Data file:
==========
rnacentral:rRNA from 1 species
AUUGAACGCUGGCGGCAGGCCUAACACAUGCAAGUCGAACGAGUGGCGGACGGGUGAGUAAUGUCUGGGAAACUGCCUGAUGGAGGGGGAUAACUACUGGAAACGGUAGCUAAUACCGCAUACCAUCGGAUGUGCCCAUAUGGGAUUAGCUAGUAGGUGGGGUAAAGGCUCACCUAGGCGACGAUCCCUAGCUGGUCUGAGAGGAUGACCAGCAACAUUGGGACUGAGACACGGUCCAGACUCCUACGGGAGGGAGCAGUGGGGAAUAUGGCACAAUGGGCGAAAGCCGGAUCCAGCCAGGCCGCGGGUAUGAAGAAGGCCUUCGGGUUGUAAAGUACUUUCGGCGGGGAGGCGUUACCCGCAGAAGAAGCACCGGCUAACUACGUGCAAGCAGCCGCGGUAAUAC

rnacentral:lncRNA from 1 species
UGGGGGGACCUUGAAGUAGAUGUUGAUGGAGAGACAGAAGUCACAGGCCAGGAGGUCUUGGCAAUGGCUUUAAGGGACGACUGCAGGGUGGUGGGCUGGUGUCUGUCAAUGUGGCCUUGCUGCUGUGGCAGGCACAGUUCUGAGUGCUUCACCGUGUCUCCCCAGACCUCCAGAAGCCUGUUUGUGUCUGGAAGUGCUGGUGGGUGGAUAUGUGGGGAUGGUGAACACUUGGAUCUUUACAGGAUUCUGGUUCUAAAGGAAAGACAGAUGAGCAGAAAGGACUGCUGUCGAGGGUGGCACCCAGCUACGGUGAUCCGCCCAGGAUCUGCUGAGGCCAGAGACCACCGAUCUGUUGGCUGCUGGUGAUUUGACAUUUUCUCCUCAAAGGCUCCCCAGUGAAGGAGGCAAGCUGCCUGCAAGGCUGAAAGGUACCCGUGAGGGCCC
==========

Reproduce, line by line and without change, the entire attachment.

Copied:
rnacentral:rRNA from 1 species
AUUGAACGCUGGCGGCAGGCCUAACACAUGCAAGUCGAACGAGUGGCGGACGGGUGAGUAAUGUCUGGGAAACUGCCUGAUGGAGGGGGAUAACUACUGGAAACGGUAGCUAAUACCGCAUACCAUCGGAUGUGCCCAUAUGGGAUUAGCUAGUAGGUGGGGUAAAGGCUCACCUAGGCGACGAUCCCUAGCUGGUCUGAGAGGAUGACCAGCAACAUUGGGACUGAGACACGGUCCAGACUCCUACGGGAGGGAGCAGUGGGGAAUAUGGCACAAUGGGCGAAAGCCGGAUCCAGCCAGGCCGCGGGUAUGAAGAAGGCCUUCGGGUUGUAAAGUACUUUCGGCGGGGAGGCGUUACCCGCAGAAGAAGCACCGGCUAACUACGUGCAAGCAGCCGCGGUAAUAC

rnacentral:lncRNA from 1 species
UGGGGGGACCUUGAAGUAGAUGUUGAUGGAGAGACAGAAGUCACAGGCCAGGAGGUCUUGGCAAUGGCUUUAAGGGACGACUGCAGGGUGGUGGGCUGGUGUCUGUCAAUGUGGCCUUGCUGCUGUGGCAGGCACAGUUCUGAGUGCUUCACCGUGUCUCCCCAGACCUCCAGAAGCCUGUUUGUGUCUGGAAGUGCUGGUGGGUGGAUAUGUGGGGAUGGUGAACACUUGGAUCUUUACAGGAUUCUGGUUCUAAAGGAAAGACAGAUGAGCAGAAAGGACUGCUGUCGAGGGUGGCACCCAGCUACGGUGAUCCGCCCAGGAUCUGCUGAGGCCAGAGACCACCGAUCUGUUGGCUGCUGGUGAUUUGACAUUUUCUCCUCAAAGGCUCCCCAGUGAAGGAGGCAAGCUGCCUGCAAGGCUGAAAGGUACCCGUGAGGGCCC